NEW YORK, February 11, 1999 — For the more than 1,000 participants in the International Lubavitch Women Emissaries Conference held here this past weekend (February 4 through 9) at the Lubavitch World Headquarters, the proceedings were packed throughout with inspiration, insight and intense personal exchanges.

Yet there were moments that stood out as well — moments that each "Shluchah," as the women emissaries are called, would long remember as they returned to their postings in Jewish communities large and small throughout the world. Some of these came during the Conference's gala banquet and the roll call of countries where “Shluchot,” or emissaries, are stationed.

"Argentina!" called Banquet Chairlady Goldie Plotkin, a Shluchah from Markham, Ontario. "Belarus!” “Congo [formerly Zaire]!” “The People’s Republic of China!” “Thailand!” “Uruguay!" she persisted, urging each representative to rise as the name of the country or state she represented was called. As each one rose to cheers and applause, she put a human face on the concept of Lubavitch's global presence.

The annual conference, this year celebrating its 11th anniversary, is designed to give the Shluchot from communities near and far a chance to meet and study many aspects of Jewish scholarship — both for their own knowledge and in order to enhance their ability to transmit the teachings to their communities; share information about activities they might replicate in their own work; learn various professional development skills; and gain from the encouragement of both the Lubavitch Headquarters as well as one another.

Workshops and seminars were held almost around the clock on such topics as setting up a preschool, effective teaching, adult education, summer camp activities, and teaching the laws of family purity. Professional development workshops covered topics like public speaking, community development, and fundraising.

But the Shluchot had also come from near and far to enhance their personal effectiveness in their jobs, and sessions were scheduled to address their own needs on issues such as personal organization and time management, marital relations and child rearing. Acknowledged in these workshops, and by practically every speaker throughout the five days of meetings, was the very challenging role of Shluchim families.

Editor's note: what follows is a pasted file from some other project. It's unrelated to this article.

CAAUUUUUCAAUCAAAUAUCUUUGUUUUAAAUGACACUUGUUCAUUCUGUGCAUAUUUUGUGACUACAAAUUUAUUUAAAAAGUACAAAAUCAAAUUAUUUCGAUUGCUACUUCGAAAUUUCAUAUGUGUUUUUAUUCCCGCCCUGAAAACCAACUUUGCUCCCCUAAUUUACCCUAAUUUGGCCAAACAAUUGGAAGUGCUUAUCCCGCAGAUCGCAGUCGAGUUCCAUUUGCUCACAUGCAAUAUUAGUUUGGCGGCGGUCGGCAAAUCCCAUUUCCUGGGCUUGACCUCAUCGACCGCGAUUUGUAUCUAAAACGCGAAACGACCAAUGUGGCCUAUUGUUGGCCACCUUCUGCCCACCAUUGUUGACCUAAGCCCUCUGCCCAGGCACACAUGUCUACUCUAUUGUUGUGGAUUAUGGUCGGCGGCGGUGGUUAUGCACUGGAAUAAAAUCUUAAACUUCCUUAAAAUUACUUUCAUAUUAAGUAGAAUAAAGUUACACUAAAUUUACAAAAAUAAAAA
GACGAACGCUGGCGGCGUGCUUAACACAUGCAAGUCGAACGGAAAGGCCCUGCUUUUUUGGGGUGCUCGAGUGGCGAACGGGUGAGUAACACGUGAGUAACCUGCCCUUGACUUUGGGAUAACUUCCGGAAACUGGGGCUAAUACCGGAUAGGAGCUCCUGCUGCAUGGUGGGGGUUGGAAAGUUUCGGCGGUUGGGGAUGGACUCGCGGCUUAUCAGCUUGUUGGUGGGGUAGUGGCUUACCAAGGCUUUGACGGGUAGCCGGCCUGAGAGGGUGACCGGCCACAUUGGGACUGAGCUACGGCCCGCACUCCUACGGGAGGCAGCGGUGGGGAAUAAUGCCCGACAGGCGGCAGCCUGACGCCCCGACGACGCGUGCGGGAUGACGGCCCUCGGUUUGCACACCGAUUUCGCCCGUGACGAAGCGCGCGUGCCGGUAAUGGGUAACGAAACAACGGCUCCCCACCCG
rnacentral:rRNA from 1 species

Whether newly married and working as a team with her spouse for the first time in a new community, or a seasoned community leader who tends to the needs of the entire Jewish community, the Shluchah is usually at once a teacher, public speaker, outreach worker, hostess to endless guests, wife to an equally busy Shliach, and, most importantly, a parent to as many as 15 children, who are themselves dealing with the unusual issues that stem from being a part of the only Jewishly observant family in the area.

Indeed, several speakers cradled babies as they addressed their audience, or carried beepers connected to the child care room equipped with cribs, toys and playpens, where dozens of babysitters attended to the infants and toddlers who had traveled to the conference with their mothers. Parallel workshops were held for children and teenage girls who had also come along. The children’s needs were never secondary in their mothers' work, even throughout the most intense and exciting sessions. One speaker interrupted her banquet address to announce that "Baby 68 needs his Mommy."

"The Conference gives us great energy to go on with our work," said a beaming Mrs. Brachah Sapochinsky, a Shluchah and mother of six from Westlake Village, California. "People always ask us how we do it. We do it because it's our work, our life and our joy, and we do it because this is what our teacher and role model asked of us," she explained, pointing respectfully to a large photograph of the Rebbe.

The annual conference is scheduled to coincide with the anniversary of the passing in 1988 (on 22 Shevat in the Jewish calendar) of Rebbetzin Chaya Moussia Schneerson of righteous memory, wife of the Rebbe. Her role in encouraging the Shluchot and the pride she took in their work was acknowledged at every turn.

"The Rebbetzin adored the Shluchot. She adored you, and when we spoke the subject matter would always, at some point, turn to you and your work," Rabbi Yehuda Krinsky told the gathering in his address to them, adding yet one more reason for the women to return to their communities with renewed energy in their leadership roles.

Mrs. Devorah Alevsky, an emissary to Cleveland, Ohio, since 1972, and a partner with her husband, Rabbi Laibel Alevsky, in building a thriving Chabad center there, particularly enjoyed her contact with the younger Shluchot. Herself the mother of Shluchot in such wide-ranging places as Solon, Ohio; Shanghai, China; and Bahia Blanca, Argentina, Alevsky said she benefited from learning some of the new activities designed by the youngest generation of Shluchot.

"We always try to keep things fresh, both for the people we've been teaching for years, and to reach out to each new generation. These young women have some fabulous new ideas," she said. 

Alevsky pointed out that many women have been preparing for a lifetime for their role as emissaries — at their parents' Shabbat table crowded with guests, as camp counselors and youth leaders, and during service stints at various Chabad Houses before getting married.

"I love to see the way they manage in their communities," Alevsky said, confessing that she is "inspired by the excitement they bring to their new role."